The Sicon-8 is built to keep you on the air.

The Sicon-8 was designed with service in mind. Our goal is to make it easy and inexpensive for you to keep the Sicon-8 running in the field. Wherever possible, chips and exposed parts are in sockets for easy service.

In addition to sockets, entire PCB sub-assemblies are used in the Sicon-8. These assemblies contain parts that are exposed to possible damage from things like lightning or overloads. They may also have elements that are not easily field serviced, like surface-mounted chips.

By putting exposed or hard-to-replace parts on sub-assemblies, we give you the opportunity to stock spares and to easily replace damaged parts, keeping you operating at all times.
The audio codec PCB is not directly exposed to the outside world, but does contain a surface mounted chip. Other chips on this board are socketed for easy replacement and the entire assembly comes off with just two screws.
The Ethernet board and Web Server assembly is connected to the outside and contains some SMT chips as seen in the photo to the right. This assembly also contains parts that can be field replaced, such as the BEL transformer and microcontroller. In addition, the entire board is inexpensive and comes out with just one screw.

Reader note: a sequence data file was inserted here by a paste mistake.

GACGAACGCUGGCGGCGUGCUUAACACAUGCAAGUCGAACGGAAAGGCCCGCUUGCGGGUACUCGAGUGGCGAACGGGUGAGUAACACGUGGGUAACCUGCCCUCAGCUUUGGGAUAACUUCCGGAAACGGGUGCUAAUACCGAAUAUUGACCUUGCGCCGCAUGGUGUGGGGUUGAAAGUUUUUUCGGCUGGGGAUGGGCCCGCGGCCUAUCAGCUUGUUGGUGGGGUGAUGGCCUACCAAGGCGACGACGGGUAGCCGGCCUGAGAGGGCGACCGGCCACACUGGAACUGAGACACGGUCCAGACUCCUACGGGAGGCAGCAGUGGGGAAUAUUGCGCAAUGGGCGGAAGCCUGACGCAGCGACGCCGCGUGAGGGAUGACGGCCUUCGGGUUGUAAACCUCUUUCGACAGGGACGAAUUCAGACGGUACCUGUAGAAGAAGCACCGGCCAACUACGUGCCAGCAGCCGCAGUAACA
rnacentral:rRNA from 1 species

All of the relays are mounted on one board that can be removed with three screws. Although the Sicon-8 uses very heavy-duty relays, they are directly connected to the outside world. After many years of heavy use, it is possible for them to fail or to be damaged by severe lightning at any time. By putting these parts on a chassis that can be replaced, you have an inexpensive and convenient way to keep your Sicon-8 operational, even many years into the future.
One of the most commonly damaged parts in any product is the telephone interface because it is often connected to very long telephone lines that can induce huge voltages during a lightning strike. The telephone interface in the Sicon-8 is a field proven design and has demonstrated its ability to survive when similar products fail. Usually, when damage does occur tot he telephone interface, it is limited to one of the inexpensive, socketed chips. In the event of a more catastrophic failure, the entire PCB is designed for easy replacement.